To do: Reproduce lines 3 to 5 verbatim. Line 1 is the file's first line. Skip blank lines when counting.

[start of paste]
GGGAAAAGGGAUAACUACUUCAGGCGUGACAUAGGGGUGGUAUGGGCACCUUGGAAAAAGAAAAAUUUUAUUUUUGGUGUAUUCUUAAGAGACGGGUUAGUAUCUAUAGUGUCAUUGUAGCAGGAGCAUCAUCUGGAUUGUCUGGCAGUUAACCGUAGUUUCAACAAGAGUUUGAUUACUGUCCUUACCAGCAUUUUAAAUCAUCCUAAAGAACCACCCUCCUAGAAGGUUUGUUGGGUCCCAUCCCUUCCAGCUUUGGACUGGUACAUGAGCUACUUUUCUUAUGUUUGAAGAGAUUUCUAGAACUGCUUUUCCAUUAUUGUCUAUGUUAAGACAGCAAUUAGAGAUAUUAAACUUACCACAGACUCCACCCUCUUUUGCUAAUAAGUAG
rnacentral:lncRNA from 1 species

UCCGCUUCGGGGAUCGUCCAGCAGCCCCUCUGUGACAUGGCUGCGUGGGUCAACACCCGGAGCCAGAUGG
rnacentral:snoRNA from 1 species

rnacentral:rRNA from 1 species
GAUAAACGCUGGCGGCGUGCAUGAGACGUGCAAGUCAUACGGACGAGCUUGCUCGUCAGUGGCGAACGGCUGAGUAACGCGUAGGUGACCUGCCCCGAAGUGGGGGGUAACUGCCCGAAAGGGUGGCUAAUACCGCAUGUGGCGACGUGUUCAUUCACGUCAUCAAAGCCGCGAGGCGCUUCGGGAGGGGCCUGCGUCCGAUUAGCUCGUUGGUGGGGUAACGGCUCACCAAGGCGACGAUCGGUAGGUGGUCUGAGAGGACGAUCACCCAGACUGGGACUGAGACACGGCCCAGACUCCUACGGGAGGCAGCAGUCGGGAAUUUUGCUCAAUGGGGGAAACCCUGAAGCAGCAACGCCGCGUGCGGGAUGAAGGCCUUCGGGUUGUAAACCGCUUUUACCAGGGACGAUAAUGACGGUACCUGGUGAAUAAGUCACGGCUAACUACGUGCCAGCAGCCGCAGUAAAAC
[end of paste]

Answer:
UCCGCUUCGGGGAUCGUCCAGCAGCCCCUCUGUGACAUGGCUGCGUGGGUCAACACCCGGAGCCAGAUGG
rnacentral:snoRNA from 1 species

rnacentral:rRNA from 1 species